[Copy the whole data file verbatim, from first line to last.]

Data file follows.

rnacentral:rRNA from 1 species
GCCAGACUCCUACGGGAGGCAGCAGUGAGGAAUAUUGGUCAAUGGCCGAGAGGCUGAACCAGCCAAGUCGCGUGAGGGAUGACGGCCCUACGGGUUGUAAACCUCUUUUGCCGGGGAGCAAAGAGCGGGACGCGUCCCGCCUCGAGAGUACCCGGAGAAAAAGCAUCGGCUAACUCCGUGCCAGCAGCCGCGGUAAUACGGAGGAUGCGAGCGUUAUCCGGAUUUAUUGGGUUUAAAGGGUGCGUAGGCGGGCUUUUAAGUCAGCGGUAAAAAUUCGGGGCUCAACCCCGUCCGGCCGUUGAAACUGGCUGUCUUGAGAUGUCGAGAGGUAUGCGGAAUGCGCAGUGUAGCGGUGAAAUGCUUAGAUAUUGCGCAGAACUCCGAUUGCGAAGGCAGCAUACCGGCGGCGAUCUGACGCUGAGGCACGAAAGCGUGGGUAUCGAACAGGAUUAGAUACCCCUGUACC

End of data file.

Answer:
rnacentral:rRNA from 1 species
GCCAGACUCCUACGGGAGGCAGCAGUGAGGAAUAUUGGUCAAUGGCCGAGAGGCUGAACCAGCCAAGUCGCGUGAGGGAUGACGGCCCUACGGGUUGUAAACCUCUUUUGCCGGGGAGCAAAGAGCGGGACGCGUCCCGCCUCGAGAGUACCCGGAGAAAAAGCAUCGGCUAACUCCGUGCCAGCAGCCGCGGUAAUACGGAGGAUGCGAGCGUUAUCCGGAUUUAUUGGGUUUAAAGGGUGCGUAGGCGGGCUUUUAAGUCAGCGGUAAAAAUUCGGGGCUCAACCCCGUCCGGCCGUUGAAACUGGCUGUCUUGAGAUGUCGAGAGGUAUGCGGAAUGCGCAGUGUAGCGGUGAAAUGCUUAGAUAUUGCGCAGAACUCCGAUUGCGAAGGCAGCAUACCGGCGGCGAUCUGACGCUGAGGCACGAAAGCGUGGGUAUCGAACAGGAUUAGAUACCCCUGUACC